In 1862 and in 1890 blood libels resulted in Christian attacks on the Jewish quarter. In 1890 order was restored by the Turkish authorities and the rioters were arrested. At that time Beirut contained a synagogue and 12 batei midrash. After World War i the Jewish population grew in Beirut, the newly established capital of *Lebanon.
The community was regarded as the most highly organized in Lebanon and Syria. The principal synagogue Magen Avraham was the center of the communal institutions, which included the schools of the Alliance and of the congregation, the B'nai B'rith Lodge, and the Maccabi Club.
The Jews of the city belonged mostly to the middle class, and the overwhelming majority of them engaged in commerce. They were not concentrated in special quarters, but the poorer Jews resided in streets formerly part of the Jewish quarter in Wadi Abu Jamil. When the State of Israel was established, the Lebanese security forces were ordered to protect the Jewish quarter, and when an anti-Jewish demonstration was held and infuriated mobs advanced on the Jewish quarter, members of the Maronite Christian Phalanges dispersed the demonstrators. The Jewish paper al-ʿAlam al-Israili ("The Israelite World") changed its name to al-Salam ("Peace"). The Jewish community was compelled to contribute a sum of money to the fund of the Arab League but in general the Jews were not mistreated.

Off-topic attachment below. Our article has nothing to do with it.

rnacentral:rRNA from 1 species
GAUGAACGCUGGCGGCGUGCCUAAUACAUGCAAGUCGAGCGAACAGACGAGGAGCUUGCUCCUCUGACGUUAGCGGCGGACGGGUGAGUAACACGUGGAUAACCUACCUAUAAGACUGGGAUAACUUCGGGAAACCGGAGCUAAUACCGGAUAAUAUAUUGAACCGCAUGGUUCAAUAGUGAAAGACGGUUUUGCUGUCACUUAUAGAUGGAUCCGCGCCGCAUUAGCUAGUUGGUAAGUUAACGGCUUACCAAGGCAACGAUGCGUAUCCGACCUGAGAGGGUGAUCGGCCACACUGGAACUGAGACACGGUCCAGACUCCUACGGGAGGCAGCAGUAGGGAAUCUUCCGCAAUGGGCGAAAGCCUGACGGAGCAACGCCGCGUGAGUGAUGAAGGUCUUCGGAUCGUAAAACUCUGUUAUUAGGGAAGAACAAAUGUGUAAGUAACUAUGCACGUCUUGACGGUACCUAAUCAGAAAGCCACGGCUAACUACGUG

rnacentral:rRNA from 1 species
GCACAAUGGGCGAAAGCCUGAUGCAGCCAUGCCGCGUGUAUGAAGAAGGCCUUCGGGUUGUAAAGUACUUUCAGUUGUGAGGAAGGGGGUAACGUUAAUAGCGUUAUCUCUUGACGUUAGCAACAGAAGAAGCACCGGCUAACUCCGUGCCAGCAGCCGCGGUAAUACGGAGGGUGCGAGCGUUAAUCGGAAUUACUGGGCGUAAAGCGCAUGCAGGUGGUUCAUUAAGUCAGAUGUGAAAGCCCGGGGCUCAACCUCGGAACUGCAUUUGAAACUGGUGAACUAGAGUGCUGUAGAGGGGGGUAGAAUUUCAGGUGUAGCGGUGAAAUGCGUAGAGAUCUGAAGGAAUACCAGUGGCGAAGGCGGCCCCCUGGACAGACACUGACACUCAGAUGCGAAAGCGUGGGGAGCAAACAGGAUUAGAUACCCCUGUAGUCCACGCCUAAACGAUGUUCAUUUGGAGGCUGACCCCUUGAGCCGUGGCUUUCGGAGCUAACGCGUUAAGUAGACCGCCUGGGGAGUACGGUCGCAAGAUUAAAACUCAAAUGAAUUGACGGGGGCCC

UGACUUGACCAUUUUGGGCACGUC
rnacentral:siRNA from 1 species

In 1880 there were about 1,000 Jews in Beirut; in 1889, 1,500; between 1892 and 1906 there were 3,000; between 1907 and 1910 their number reached 5,000.
The number of Jews rose from 5,000 in 1948 to 9,000 in 1958, as a result of the immigration of Syrian Jews to Lebanon. However, the numbers were subsequently depleted, especially from 1967; and in 1969 only about 2,500 were left. By 1970 the community had decreased to about 1,000–1,800.